We therefore see any weakness in precious metal equities as a buying opportunity for those without sufficient exposure.

Demand and supply fundamentals are also providing a positive backdrop. According to the World Gold Council, top-line demand for gold in the March quarter grew 19 per cent on a year ago to 1,287 tonnes. Underpinning demand growth were investment inflows into products such as ETFs, which soared by 1,300 per cent in the same period to a hefty 364 tonnes.

The supply of gold, however, grew by only 5 per cent over the same comparative periods to 1,135 tonnes. Mine production for the March quarter only grew by 1 per cent on the 2015 quarter, to 734 tonnes.

Overall, the net effect of the movements in demand and supply for the March quarter was to push the gold market into a supply deficit of 152 tonnes. The absence of any major gold discoveries in recent years is also going to compound the upward pressure on prices should demand remain robust.

Source: World Gold Council

Gold shares
For investors wanting exposure to gold, and with the requisite risk appetite, buying shares in listed gold miners is one avenue. Gold miners are a “leveraged” play on gold bullion, with movements in the gold price having a “multiplier” impact on earnings and, in turn, share prices. This is great if gold prices are going up, but the reverse is true if the gold market were to unwind.

We believe that select gold exposures are warranted within the context of a diversified portfolio.

We favour high-quality producers and Australian companies are attractive given that the relative weakness of our currency has seen the Australian-dollar price of gold at around record highs.

We believe further weakness is in store for the Australian dollar as the Reserve Bank looks to reboot the economy through further rate cuts (and perhaps even quantitative easing), which will provide a further tailwind for earnings of domestically focused gold producers.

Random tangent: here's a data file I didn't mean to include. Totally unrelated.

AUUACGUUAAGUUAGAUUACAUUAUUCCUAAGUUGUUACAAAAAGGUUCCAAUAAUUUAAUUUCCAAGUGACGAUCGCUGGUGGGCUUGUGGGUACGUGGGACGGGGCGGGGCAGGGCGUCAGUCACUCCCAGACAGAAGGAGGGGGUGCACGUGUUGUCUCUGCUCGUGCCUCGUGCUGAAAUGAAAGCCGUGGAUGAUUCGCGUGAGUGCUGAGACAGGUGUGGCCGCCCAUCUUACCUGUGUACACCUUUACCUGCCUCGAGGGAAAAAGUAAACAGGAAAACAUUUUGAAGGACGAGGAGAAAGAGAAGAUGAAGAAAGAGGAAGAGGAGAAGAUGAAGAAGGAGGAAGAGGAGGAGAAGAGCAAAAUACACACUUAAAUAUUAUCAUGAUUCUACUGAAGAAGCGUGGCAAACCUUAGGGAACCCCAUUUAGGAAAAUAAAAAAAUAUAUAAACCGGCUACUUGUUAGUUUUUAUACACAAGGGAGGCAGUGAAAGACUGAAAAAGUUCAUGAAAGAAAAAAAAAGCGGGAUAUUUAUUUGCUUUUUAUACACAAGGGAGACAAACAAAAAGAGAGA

One of our preferred exposures is Evolution Mining, which is headed by Jake Klein. He has done a great job in building production scale through astute acquisitions and this is translating into record gold production for the company. Management guidance is for production of 800,000 to 860,000 ounces in FY17.

Cost control is another impressive aspect of Evolution and is enabling handsome margins at current gold prices in Australian and US dollars. The company expects costs for FY17 of A$985 to A$1045 per ounce.

Another stock we have a positive view on is Saracen Mineral Holdings, which is also looking at record gold production this year, with a further increase on its way. Saracen delivered 188,000 ounces of gold in FY16 and is targeting annual output of 300,000 ounces within two years.

Overall, we see the foundations being in place for the next leg of the bull market in gold, and for the golden years to continue for a while yet. If we are right, gold exposure will form a valuable component of an investor’s portfolio.

About the author

Angus Geddes is chief executive of Fat Prophets, a leading investment newsletter.

Follow on Twitter: @FATPROPHETS

From ASX